For the past year I’ve been super busy working on book covers. During that time I’ve struggled, often, with competing visions for the book cover design. I want something that looks awesome and sells like hotcakes. The authors usually want their main characters and a specific scene. The requests I’ve gotten have verged on the ridiculous, but I always try to make it work. It’s frustrating for me to know I’m making complex but subpar covers when I could be making stuff that blows people’s minds. It’s frustrating to see a very happy author who loves the cover and know another cover would have moved more books off the shelf.
So I felt some solidarity and happiness when I read this post over on Damonza Covers, “Write a Great Book but Leave the Cover to a Professional.” Damonza’s work is beautiful and you should definitely consider him as well for your book cover design. And his work flow is a lot different from mine. He’ll make 2 sample covers and if authors don’t like it, keep going. This lets him present the two strongest options first.
In contrast, I present about 10 very rough samples, including several stabs at the scene the author described, and we work up from there. My process gives the author more control and involvement, but that’s probably not a good thing. I tell the authors which ones are the best, and they routinely ignore my advice.
I love my job and hope to see my author’s succeed, so I’m not complaining about them, just a challenging situation – and a situation perhaps that is critical to the success and failure of indie published books that nobody else is talking about.
As a side note, and this is kind of depressing, I’m noticing I get a ton of work, even though personally I find Damonza’s work equally awesome. Is this because many of my covers have the scenes and characters that he urges against using? Do indie authors see in my work what they want, because I try to listen to and use their ideas, even if they aren’t the best from a sales and marketing perspective?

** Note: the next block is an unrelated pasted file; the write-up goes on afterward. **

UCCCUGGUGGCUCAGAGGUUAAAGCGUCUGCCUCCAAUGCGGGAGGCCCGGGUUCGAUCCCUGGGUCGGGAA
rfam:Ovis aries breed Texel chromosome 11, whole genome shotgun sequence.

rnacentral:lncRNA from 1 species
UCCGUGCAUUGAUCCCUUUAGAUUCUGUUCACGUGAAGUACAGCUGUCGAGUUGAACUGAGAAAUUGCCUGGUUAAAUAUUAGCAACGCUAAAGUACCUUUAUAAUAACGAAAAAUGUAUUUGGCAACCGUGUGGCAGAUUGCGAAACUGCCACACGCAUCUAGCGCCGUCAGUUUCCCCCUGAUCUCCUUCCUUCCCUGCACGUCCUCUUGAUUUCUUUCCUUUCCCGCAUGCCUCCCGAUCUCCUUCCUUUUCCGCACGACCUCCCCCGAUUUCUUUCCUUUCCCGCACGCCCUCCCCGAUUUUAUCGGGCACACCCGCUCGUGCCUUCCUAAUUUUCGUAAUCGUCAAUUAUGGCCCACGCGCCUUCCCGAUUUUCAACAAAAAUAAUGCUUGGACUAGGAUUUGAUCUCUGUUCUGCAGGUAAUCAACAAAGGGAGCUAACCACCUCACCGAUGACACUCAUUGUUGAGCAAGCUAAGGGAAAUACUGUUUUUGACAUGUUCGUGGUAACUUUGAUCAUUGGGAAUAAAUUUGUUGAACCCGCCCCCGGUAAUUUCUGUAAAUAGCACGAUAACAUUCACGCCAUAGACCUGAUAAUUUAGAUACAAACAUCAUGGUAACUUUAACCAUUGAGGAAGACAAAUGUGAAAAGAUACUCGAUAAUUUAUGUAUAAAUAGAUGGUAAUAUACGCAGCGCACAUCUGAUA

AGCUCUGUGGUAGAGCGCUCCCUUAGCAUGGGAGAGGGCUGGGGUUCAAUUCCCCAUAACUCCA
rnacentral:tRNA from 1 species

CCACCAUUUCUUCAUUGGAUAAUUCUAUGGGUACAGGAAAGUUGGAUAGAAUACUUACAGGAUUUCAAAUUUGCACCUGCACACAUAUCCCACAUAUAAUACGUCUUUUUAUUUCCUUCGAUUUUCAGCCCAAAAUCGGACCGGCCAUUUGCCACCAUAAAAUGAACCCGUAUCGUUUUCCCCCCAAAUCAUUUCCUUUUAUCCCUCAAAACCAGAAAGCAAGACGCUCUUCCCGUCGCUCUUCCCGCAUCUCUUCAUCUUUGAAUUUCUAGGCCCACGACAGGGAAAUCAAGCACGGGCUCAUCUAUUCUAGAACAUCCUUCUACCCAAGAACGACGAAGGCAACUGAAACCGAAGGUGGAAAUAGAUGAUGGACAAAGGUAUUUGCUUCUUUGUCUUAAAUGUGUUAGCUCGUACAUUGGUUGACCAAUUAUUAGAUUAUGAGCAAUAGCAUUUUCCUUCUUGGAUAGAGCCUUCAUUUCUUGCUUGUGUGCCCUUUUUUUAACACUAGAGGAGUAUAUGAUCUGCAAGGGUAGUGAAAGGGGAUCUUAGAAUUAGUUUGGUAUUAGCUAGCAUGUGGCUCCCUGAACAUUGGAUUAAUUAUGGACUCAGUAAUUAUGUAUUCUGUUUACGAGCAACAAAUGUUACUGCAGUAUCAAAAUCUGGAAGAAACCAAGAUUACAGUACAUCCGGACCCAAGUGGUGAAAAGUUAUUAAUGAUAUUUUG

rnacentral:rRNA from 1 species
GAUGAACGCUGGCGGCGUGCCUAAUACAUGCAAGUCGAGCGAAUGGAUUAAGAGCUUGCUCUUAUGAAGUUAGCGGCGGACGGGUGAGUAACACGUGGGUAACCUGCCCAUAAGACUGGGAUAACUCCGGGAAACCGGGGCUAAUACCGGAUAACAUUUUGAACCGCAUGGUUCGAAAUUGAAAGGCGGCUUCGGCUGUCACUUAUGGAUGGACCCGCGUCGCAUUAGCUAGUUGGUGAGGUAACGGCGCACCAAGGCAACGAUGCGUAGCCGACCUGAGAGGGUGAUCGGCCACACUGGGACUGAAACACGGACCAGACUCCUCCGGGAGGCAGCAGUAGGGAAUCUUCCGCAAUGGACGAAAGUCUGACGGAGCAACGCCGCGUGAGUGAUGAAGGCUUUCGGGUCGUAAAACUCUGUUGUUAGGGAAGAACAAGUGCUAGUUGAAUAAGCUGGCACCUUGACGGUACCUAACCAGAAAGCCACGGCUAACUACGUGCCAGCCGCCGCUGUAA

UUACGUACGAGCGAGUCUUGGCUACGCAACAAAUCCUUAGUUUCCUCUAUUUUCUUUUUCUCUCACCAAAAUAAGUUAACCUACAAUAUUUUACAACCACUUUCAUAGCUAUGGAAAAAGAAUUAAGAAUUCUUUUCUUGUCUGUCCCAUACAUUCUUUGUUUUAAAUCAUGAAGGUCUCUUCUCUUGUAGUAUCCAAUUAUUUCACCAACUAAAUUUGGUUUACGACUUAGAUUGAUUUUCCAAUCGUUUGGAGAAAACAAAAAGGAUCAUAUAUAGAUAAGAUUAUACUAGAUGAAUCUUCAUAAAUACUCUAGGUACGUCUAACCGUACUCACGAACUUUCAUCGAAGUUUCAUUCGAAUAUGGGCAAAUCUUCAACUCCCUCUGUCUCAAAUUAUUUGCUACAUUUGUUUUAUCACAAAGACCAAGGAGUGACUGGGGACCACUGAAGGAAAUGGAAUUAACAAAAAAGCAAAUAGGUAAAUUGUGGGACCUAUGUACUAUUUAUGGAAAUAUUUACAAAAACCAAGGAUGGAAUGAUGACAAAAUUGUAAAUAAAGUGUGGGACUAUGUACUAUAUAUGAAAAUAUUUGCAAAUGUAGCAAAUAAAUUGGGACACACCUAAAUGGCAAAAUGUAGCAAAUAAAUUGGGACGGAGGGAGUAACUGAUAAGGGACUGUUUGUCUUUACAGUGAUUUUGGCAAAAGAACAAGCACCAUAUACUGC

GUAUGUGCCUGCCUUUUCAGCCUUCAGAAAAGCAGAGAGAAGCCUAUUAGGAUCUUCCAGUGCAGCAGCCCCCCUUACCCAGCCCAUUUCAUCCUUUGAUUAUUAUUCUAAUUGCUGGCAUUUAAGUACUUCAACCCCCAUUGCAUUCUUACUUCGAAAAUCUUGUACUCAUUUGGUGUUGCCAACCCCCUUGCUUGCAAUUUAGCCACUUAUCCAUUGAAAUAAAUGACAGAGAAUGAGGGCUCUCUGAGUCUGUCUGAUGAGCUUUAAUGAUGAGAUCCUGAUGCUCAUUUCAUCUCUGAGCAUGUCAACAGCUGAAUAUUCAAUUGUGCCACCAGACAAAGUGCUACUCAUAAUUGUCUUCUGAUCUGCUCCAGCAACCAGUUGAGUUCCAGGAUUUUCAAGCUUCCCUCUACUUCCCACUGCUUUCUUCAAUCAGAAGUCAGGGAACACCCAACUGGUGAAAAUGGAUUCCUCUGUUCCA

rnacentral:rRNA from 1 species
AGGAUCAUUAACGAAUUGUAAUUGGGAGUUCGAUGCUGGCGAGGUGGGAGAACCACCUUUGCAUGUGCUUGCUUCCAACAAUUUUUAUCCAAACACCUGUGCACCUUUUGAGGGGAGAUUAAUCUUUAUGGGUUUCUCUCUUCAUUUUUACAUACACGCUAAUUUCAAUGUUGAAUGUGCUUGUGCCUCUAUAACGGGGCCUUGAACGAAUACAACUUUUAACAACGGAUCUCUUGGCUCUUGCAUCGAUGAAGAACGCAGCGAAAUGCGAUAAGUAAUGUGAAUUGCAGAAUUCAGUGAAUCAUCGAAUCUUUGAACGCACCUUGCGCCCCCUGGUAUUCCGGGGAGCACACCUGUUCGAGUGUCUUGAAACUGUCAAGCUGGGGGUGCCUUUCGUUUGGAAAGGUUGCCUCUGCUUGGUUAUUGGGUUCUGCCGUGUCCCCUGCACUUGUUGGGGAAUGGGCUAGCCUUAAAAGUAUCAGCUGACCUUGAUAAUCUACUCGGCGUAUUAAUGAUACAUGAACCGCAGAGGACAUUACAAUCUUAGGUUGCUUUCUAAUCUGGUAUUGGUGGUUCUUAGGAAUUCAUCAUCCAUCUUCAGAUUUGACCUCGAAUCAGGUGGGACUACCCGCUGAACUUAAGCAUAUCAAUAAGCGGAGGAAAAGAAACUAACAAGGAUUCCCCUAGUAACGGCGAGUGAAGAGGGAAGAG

(I don’t mean to denigrate my covers, most of them I’m very happy with and they’re all selling quite well.)
Anyway, I know this is a complex and uncomfortable subject, but deep down I want you to succeed, and for that you need to be informed and aware of all of these elements.
Some tips before you get started on your book cover design:
1) Characters rarely work; especially because everybody is using the same stock photography, so your model will end up on dozens of other books. On the other hand… they are usually more engaging and emotionally than a cover without.
2) Bold, beautiful and simple is best.
3) Specific scenes from the story are nearly impossible to recreate with accuracy using stock photography. Try to boil a scene down to one, specific element or item, a symbolic representation of what’s going on in that scene.
4) Sincerely listen to your book cover designer’s advice. His/her opinion should be given preference to what your family and neighbors like. They have more experience than you do, and they are trying to help. They also want to see their best work out there.
5) Don’t hire a cover designer who will just give you what you want and listen to your ideas. Your book deserves more than that. Hire a designer that pushes back, tells you what will sell better, and advises you towards greater publishing success. As an indie-published author, the team you put together to publish your book is as close to a professional marketing team as you’re going to get, and their advice may be invaluable.
really interesting post. I can appreciate what you are saying. I personally don’t like characters on a cover, at least not facial close ups. It can really mess with your image of a character.
How do you know what will sell though? are you referring to genre conventions?
It’s a matter of taste and design sense, and I know what will appeal to me personally may not appeal to everyone, but there’s an aesthetic combination of elements that really just “looks amazing” and can be felt by everybody. I find authors don’t have the same sensibility toward their own work, because their brains are working right away, thinking “does this match my story, my personality, my characters?” They don’t get the same gut-level reaction that normal viewers will. There’s also the “it looks like a professional cover” factor, even if people don’t really like it, they’d buy the book because it looks like a cover they’d see on a bestselling book, so they assume the quality of the writing must be worth it. Genre conventions can make a difference as well and shouldn’t be overlooked, you’ll be competing with the bestsellers in your category. Getting your book cover to “pop” is mostly about color contrast (teals and oranges mostly).